How to prevent system to launch interactive fsck after improper shutdown and reboot?

doug at doug at
Wed Sep 15 21:12:00 UTC 2010

On Wed, 15 Sep 2010, Polytropon wrote:

> On Wed, 15 Sep 2010 08:47:38 +0200, "Remko Lodder" <remko at> wrote:
>>>> Almost every time after improper shutdown (poweroff) and reboot I get
>>>> into interactive fsck.
>>>> I am being asked whole bunch of questions to which I just have to answer
>>>> Y (what are my other options?)
>>>> Why drop user into interactive fsck if there is not much choice anyways?
>>>> Is there a way to set it up the way it doesn't drop into interactive
>>>> mode? Like answer 'Y' to all questions?
>>>> Yuri
>> I think this might do your trick:
>> fsck_y_enable="NO"      # Set to YES to do fsck -y if the initial preen
>> fails.
>> fsck_y_flags=""         # Additional flags for fsck -y
>> The reason for this to get interactively is because this  might messup
>> with your filesystem, and you are the one responsible for your filesystem,
>> not us or the autmated system. So in case you want to "play" with that,
>> that's entirely up to you.
>> In addition, I can imagine that companies (been there done it) do not want
>> to fsck -y by default, this because of the mentioned potential corruption
>> and dataloss.
> Very important point.
> As an addition, allow me to mention
> 	background_fsck="YES"
> as an entry in /etc/rc.conf. This will let the system boot up and perform
> fsck checks while the system is running - running on a maybe defective or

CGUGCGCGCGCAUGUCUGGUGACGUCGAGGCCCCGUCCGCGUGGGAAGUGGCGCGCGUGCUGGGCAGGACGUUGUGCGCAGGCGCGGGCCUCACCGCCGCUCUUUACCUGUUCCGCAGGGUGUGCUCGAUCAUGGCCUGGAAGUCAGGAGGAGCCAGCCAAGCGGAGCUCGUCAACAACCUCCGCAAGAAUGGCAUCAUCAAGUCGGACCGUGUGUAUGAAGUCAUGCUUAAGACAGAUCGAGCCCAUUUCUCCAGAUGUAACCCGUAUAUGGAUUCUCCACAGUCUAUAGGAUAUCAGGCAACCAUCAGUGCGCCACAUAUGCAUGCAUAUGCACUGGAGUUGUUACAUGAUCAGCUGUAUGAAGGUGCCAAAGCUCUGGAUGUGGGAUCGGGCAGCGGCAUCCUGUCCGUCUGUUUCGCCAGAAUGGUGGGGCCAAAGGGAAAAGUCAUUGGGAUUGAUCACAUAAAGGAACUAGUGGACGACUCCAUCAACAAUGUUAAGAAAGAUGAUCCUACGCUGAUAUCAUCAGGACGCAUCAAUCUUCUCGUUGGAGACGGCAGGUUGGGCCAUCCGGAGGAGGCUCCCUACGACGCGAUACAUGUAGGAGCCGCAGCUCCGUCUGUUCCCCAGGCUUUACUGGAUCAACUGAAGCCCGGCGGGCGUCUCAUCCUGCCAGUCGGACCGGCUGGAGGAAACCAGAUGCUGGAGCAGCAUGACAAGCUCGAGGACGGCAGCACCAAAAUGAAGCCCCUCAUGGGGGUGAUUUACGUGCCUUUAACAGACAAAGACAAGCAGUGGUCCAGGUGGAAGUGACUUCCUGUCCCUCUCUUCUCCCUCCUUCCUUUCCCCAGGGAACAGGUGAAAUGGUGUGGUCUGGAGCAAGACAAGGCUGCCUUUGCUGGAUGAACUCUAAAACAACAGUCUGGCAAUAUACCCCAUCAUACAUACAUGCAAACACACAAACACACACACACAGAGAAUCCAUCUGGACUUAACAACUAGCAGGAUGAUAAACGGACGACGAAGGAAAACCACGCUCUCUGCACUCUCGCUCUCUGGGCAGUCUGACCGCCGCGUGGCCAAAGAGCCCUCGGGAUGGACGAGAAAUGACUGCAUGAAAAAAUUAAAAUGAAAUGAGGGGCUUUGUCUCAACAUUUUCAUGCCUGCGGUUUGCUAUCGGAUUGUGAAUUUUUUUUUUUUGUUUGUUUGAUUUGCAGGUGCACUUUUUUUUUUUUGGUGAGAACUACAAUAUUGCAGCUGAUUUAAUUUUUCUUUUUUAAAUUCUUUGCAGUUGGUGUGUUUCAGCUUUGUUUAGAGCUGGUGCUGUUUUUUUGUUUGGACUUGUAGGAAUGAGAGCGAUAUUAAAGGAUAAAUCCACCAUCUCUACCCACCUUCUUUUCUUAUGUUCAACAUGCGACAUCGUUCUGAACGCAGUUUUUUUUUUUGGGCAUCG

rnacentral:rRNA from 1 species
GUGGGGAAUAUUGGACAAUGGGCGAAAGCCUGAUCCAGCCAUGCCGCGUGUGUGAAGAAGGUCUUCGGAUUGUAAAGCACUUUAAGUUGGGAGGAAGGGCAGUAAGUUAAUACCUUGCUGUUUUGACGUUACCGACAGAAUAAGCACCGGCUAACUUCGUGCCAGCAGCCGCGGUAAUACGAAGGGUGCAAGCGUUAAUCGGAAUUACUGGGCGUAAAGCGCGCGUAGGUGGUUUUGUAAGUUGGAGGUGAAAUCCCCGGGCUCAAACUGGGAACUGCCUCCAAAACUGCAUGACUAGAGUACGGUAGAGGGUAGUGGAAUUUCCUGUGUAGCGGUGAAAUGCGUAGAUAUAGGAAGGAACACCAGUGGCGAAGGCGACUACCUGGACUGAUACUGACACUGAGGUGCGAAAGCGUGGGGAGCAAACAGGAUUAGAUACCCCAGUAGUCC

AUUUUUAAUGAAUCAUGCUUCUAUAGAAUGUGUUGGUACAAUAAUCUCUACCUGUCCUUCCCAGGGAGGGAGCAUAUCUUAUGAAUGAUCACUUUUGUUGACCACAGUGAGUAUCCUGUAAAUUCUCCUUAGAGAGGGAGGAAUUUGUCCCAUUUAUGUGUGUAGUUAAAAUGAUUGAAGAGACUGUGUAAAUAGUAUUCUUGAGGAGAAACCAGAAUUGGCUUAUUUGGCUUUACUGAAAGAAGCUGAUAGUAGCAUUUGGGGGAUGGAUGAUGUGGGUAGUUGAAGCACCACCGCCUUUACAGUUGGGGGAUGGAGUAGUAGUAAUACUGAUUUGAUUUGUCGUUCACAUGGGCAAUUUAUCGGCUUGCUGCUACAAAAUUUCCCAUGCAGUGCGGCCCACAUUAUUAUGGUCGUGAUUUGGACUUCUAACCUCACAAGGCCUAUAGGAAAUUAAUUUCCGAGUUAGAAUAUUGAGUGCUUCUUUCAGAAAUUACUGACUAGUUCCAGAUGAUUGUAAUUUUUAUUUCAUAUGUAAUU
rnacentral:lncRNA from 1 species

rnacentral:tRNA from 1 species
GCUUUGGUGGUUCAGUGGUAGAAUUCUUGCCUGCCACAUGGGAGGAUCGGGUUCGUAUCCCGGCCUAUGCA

> inconsistent file system. This is dangerous, but possible. It utilizes a
> snapshot mechanism which can cause further trouble (lost / emptyinodes
> and disappearing subtrees of files).
> Personally, if fsck requires YOUR attention, there's usually a reason for
> this. The reason is possible data loss or file system corruption where YOU
> take the responsibility of decision, not fsck. By default, fsck does not
> do damaging, but under strange circumstances, it can happen. For example,
> if you want to do a special kind of data recovery or forensic analysis on
> a file system, you potentially DO NOT WANT fsck to assume "y" for all the
> questions because that can make your job harder.
> A common additional "y flag" is -f (means fsck -yf) to force all operations
> suggested by fsck and confirming them.
I have had two systems die with bad disks. This email contains great information 
and spot-on advice from my experience. When I was ready to give up on my last 
system I did a -yf in single user mode and was able to get most of my data 
because the bad sectors were in /usr/local which had many missing files and 
directories. Modern disks die silently which I think is too bad. If this is 
happening and you have data you want to recover you might try booting in single 
user move and using fsck manually on each slice. If you are lucky, your errors 
will be in /tmp or /var.

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